Is a chinchilla the right pet for me?

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Staff member
Jan 28, 2009
South Dakota
Is a chinchilla right for you and your family?

Do you want a pet that will snuggle with you and be carted around like a cat, constantly being bundled up and mauled? If so, then a chin is probably not the right pet for you. Think of chins as "chinavision." Hysterical to watch, but often times not real interactive. Chinchillas make wonderful pets, as long as you understand that each chin has their own temperament, their own personality, their own style. Some love to sit with their owners and watch TV, others want to run the entire time they are out of their cage, using their humans only as a perch for a few moments or a jungle gym. Some don't like to be handled at all and will cack at you and bark in their cage. As with any other species (including humans), chins each have their own quirks and it's important that you accept them for who they are.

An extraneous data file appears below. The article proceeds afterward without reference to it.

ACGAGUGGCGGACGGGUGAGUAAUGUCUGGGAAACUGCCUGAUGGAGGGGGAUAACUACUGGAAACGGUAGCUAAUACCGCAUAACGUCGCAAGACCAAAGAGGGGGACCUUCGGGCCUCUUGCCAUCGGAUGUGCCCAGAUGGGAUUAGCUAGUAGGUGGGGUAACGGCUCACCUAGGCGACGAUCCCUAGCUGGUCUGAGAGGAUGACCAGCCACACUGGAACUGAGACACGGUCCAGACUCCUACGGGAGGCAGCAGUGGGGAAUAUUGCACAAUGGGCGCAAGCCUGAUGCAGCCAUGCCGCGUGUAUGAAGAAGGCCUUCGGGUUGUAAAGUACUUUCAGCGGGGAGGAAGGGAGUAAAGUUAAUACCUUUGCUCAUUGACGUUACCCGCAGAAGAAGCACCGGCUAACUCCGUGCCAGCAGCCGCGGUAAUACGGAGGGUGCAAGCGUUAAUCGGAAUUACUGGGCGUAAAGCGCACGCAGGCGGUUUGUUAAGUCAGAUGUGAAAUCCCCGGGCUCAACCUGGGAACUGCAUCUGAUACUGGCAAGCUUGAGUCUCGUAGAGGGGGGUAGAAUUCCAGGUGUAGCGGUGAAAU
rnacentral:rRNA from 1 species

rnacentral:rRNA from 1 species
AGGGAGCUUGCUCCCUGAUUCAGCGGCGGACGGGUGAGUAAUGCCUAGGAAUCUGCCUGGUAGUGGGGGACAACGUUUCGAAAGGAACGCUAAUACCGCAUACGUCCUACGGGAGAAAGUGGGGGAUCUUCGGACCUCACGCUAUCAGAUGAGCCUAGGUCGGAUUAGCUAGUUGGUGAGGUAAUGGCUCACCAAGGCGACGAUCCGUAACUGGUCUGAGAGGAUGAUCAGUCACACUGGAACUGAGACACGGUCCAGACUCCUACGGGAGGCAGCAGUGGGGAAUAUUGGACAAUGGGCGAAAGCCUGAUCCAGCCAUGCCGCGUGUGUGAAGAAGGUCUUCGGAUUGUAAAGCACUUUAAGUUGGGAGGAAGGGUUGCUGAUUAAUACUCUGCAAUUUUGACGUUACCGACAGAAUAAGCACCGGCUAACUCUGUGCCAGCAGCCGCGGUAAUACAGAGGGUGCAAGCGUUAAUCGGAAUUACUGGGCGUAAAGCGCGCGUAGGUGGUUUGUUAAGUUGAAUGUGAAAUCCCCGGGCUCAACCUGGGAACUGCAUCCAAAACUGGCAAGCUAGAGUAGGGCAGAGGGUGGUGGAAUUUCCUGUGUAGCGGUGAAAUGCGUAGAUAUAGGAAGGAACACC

Chinchillas can live up to 25 years. Generally they live 10-15 years, but they can go quite a bit longer. Are you prepared to have a pet for that long? They will still need attention regardless of school work, prom, college, dating, marriage, or children. They do not have to be all consumign and take over your life, but they do require basic needs being met each day and they do require your attention. It would hardly be worth having a pet, if you're just to ignore it and not interact with it. So remember that a chinchilla can be with you for a very long time, and understand that the commitment isn't the same as with a hamster or a gerbil.

Chins are very active. They love to jump, climb, and perch. Run time in a controlled environment is enjoyable for both them and you. Chins are crepuscular, which means their busy times are dawn and dusk. That doesn't mean they won't run on their wheels all night long, but just that their "usual" busy time is pretty predictable. Chinchillas require a maximum temperature of 75 degrees in their habitat, but it's much safer to keep them at lower temps, in case something should happen to the air conditioning, like a power outage. You also have to factor humidity in to any temperature. A house that sits at 75 with 75% humidity is a death trap for a chin. An air conditioner is an absolute must in areas where you get high heat and humidity.